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To the Middle of Love: A collection that crackles with energy

To the Middle of Love: A collection that crackles with energy

To the Middle of Love
By Omar Sabbagh
Cinnamon Press,
Rs 589, pp 92



This collection, Omar Sabbagh’s fourth, crackles with energy. At different moments self-confident and self-deprecating, passionately direct and challengingly convoluted, Sabbagh never gives himself — or his reader — an easy ride.

There’s a tumble of imagery — contemporary, Biblical, classical, sexual, and throughout the whole sequence an overriding sense of the power of words and of poetry, both to illuminate human experience, and also perhaps to delude or let us down.

For me, it is the way in which these perceptions are posed one against the other that gives the work as a whole its touching humanity. In one poem, the poet cries ‘Where were You when I didn’t know/Why the world was beating me like trampled snow?’ In a Coda, Sabbagh traces the poems at least in part to a return to earlier experience, ‘an eighteen year-old boy on the cusp of a psychotic break of sorts’, and links ‘all this prosy poise…all this swan-neat periodicity’ to ‘the fact of my reigning anxiety.’ This is an anxiety that’s able to zoom in on minutiae, then fly off like a mythical bird into realms of the surreal, carrying the reader on the back of its sheer exuberance.

The collection opens with a birth, ends with lament and a meditation on suicide, and in between, offers inventive twists on the age-old stories of identity, love and grief. It is peopled by family, lovers and presiding spirits, and very much by the spirit of place — Lebanon in general, Beirut in particular.

Inter-textual connections and cross-currents abound: there’s an acknowledgement in the Coda of a debt to Wilde’s ‘De Profundis’; sonnets inspired by St Augustine’s ‘Confessions’ rub shoulders with Milton’s Satan (applauded as ‘a big and painful pin in the side of those/Of better mould’!); a gnomic ‘Bird in a Tree’ with something in common with Wallace Stevens’ blackbird; the title poem an exploded sonnet in honour of Heaney.

Sometimes the poems resist literal reading, metaphors floating just out of reach but not beyond emotional comprehension. Images of wounding, mauling, suturing, dressing and scarring are held close in the poet’s self-portrayal, as when he describes himself as ‘an undressed wound/Upon the hills and mounds of my kin.’ Similarly, in a later poem drinkers are ‘worn wounds entering the bar.’ Unflinchingly conveyed, there’s an undercurrent of recent history here.

Anguish is never far below the surface. In (‘La Veuve’), a woman (possibly the poet’s mother?) marvellously ‘wears black, like sorrow, a tall minaret to her self,’ in an untrustworthy show of bereavement. As in other poems, the connection he feels is an entanglement of the cerebral with the physical: ‘Eyeing her, I seem to tug at her: like a poem to its sounds…’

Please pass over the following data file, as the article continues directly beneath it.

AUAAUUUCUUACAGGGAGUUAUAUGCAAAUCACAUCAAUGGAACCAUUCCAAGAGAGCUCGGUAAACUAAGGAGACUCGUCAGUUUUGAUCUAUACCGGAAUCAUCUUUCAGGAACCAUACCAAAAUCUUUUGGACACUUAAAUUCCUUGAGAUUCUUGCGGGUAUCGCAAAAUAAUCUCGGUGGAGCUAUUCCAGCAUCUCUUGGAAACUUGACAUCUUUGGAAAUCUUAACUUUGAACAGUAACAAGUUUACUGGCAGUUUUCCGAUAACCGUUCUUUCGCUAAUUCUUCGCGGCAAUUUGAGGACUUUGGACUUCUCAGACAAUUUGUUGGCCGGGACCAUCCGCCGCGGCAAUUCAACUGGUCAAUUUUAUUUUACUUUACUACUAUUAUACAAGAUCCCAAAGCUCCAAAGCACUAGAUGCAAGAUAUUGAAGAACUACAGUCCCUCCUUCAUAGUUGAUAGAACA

But there’s celebration too, in the midst of trouble. In ‘The Cedar Never Dies’, a love poem to his beleaguered country, he hymns the symbolic tree’s ‘never-ending rungs’, in ‘the language in which I body my caress.’ Somehow the inversions in this phrase wrap body, love and language closer together, a poetic caress.

The love of words themselves, everywhere in these poems, is another joy. Reading through, I had frequent recourse to the dictionary, and was repaid by a sense of additional layering. For instance in ‘Muhajabeen’ (the word for a veiled woman), there are mathematical terms such as ‘surd’ — an irrational number — and ‘copula’ — a word related to probability theory. Both also have other meanings in the register of linguistics — a speech sound uttered with the breath, a linking word. In this way, the poem itself is a dance of veils. As Sabbagh asserts, ‘I won’t tell what girds, what taxes her.’ I’m not saying I know exactly what the poet intends, here; rather that I’m happy to be left with such evocative uncertainty.

At times there is a sense of near-delirium, as words strain, flex and breed others; in an early poem, we encounter ‘syllables… like straining ligaments’. It’s as if Sabbagh, in the body of that young boy wanting to make sense of a painful growing-up, is pulling language apart with both hands, in order to gaze inside. But for me, ultimately, these poems are at their most profound when for brief moments, at ‘the middle of love’, perhaps, they drop the attempt to be ever more complex or to attain a higher level of meaning:

‘and I wonder about
The snow that fell, small but happy bits
Of whitened smiles,
December passed, and yet
how tulips shone
Upon their thrones
Of air and soil…’


To the Middle of Love is a journey of twists and turns; by turns moving, witty, and surprising, it’s well worth the fare.

The book is available on http://www.cinnamonpress.com


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